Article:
Every player on every roster in the major or minor leagues has a different story. Joe Biagini's is a gradual one, overcoming injury set-backs, but filled with improvement at every level.
In 2015, the pitcher has been a quiet standout in the Richmond rotation, posting a 1.97 ERA through his fst six starts. The righty has gone five and a third innings in five of those six starts. Biagini leads the starting rotation in innings pitched as of press time, helping to preserve a bullpen that has been used early and often in 2015.
Biagini was born in Menlo Park, CA and grew up there, sandwiched an hour between San Jose and San Francisco. Needless to say, the 24 year old grew up a Giants fan, cheering on Barry Bonds and watching the likes of crafty lefty Kirk Rueter and powerhouse Jason Schmidt throw for the hometown team. However, despite Biagini's affinity for pitching, his favorite player growing up was a position player- Rich Aurila.
"He played the game hardnosed," Biagini said. "He was consistent and seemed like a good guy- I really liked his batting stance."
Other players he was fond of included Robb Nen and J.T. Snow, a Special Assistant in Player Development for the San Francisco Giants.
"That core group was the heart of my Giants fandom," said Biagini.
Little did a young Joe Biagini know that someday, he would suit up with the intentions of making it to play for San Francisco.
"I want to make the big leagues like everyone else," Biagini said. "That's why we are all here- now I'm starting to finally believe that I'm not here on accident."
To hear Biagini talk about his career, it sounds more like a comedy of errors than a pitcher that's steadily climbed his way up the organizational ladder.
In high school, Biagini was primarily a position player, and occasionally pitched. As a junior and senior, he typically played third base, a position frequented by Aurila, and sometimes played first. Despite not showing as an immense talent in high school, baseball was in Biagini's blood. Rob, Joe's father, played in the San Francisco organization for two seasons, posting a 7-10 record with a 4.78 ERA at what was then, class A Fresno.
"[Your dad playing baseball] is a great family experience to have," Biagini said. "Not only to be fans of the local team, but to have the chance to play for them, too," he continued. "He definitely helped me a lot growing up."
Despite playing through an arm injury in high school, Biagini got the opportunity to pitch, and play for San Mateo College, where his father went before heading to the University of Miami. After pitching one season, Biagini needed Tommy John surgery, but even with that set back, got the opportunity to throw for colleges to continue his career. The University of California at Davis (UC Davis) was intrigued by the hurler, and offered him a spot to pitch.
Biagini met Giants scout Keith Snyder on the day of the last game he pitched for UC Davis- his birthday. By Biagini's account, the radar gun at the stadium wasn't working very well, but Snyder took notice of Biagini throwing the ball hard during his performance, despite it not being a banner one for the 6'4 righty.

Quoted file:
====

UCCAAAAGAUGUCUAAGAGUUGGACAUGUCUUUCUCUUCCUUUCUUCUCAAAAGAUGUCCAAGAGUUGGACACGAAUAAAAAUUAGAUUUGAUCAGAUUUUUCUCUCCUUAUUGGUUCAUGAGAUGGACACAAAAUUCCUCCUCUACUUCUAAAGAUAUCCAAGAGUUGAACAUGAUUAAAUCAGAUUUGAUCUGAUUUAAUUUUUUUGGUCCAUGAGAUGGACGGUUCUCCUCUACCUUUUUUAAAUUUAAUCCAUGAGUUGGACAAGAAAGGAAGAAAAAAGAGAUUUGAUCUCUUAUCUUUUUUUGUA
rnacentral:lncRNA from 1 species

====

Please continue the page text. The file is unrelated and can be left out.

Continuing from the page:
"He [Snyder] came up to me and said that I looked like I was throwing pretty hard and that I looked pretty good," Biagini said. "He said the Giants were keeping an eye on me."
Biagini said that meeting flipped his perspective on his last outing of the season. Despite the setbacks he encountered, he got noticed. After a successful showing with Brewster of the Cape Cod League, he was drafted in the 26th round by the Giants in 2011.
Richmond pitching coach Steve Kline is familiar with Biagini. The former St. Louis Cardinal coached him in 2012 when the hurler made his class A debut at Augusta. In what Biagini called a 'disaster,' he pitched to a 7.41 ERA through nine starts for the Green Jackets, striking out 36 batters but walking 29.
"He's developed and come along," said Kline. "Bia[gini] used to over think everything and focus way too much on mechanics- he felt that if his mechanics were right everything was fine- sometimes it's just more about throwing the ball over the plate and getting outs."
Biagini worked extensively with Giants Pitching Coordinator Bert Bradley, who assisted him with both the physical and mental aspects of the game.
After a solid repeat of Augusta in 2013, he advanced to San Jose where he posted his best year yet- pitching to a 10-9 record with a 4.01 ERA in the hitter-friendly California League. Now, moving up a rung on the ladder, he's currently having his best season yet, in what most consider to be the most difficult jump from A to AA.
"The weather is different, the people are nicer," said Biagini of the transition. "The talent improves at every level and the strike zone has seemed to get a little smaller."
Despite the differences and increase in difficulty level, Biagini has excelled. In the game of baseball, despite Biagini's suggestions one doesn't reach this level based on divine intervention, coincidence, or luck. This pitcher has shown good, consistent command of his pitches and, while none of them blow batters away, his ball location and ability to pitch to contact is instrumental to his success.
"The most important thing is mental toughness," said Biagini. "I challenge myself to improve in that aspect and prove to myself that I'm there."
As Biagini progresses, all indicators point to that every sixth day on his turn in the rotation, Richmond will have a solid chance to go out and win a ball game.
This story was not subject to the approval of the National Association of Professional Baseball Leagues or its clubs.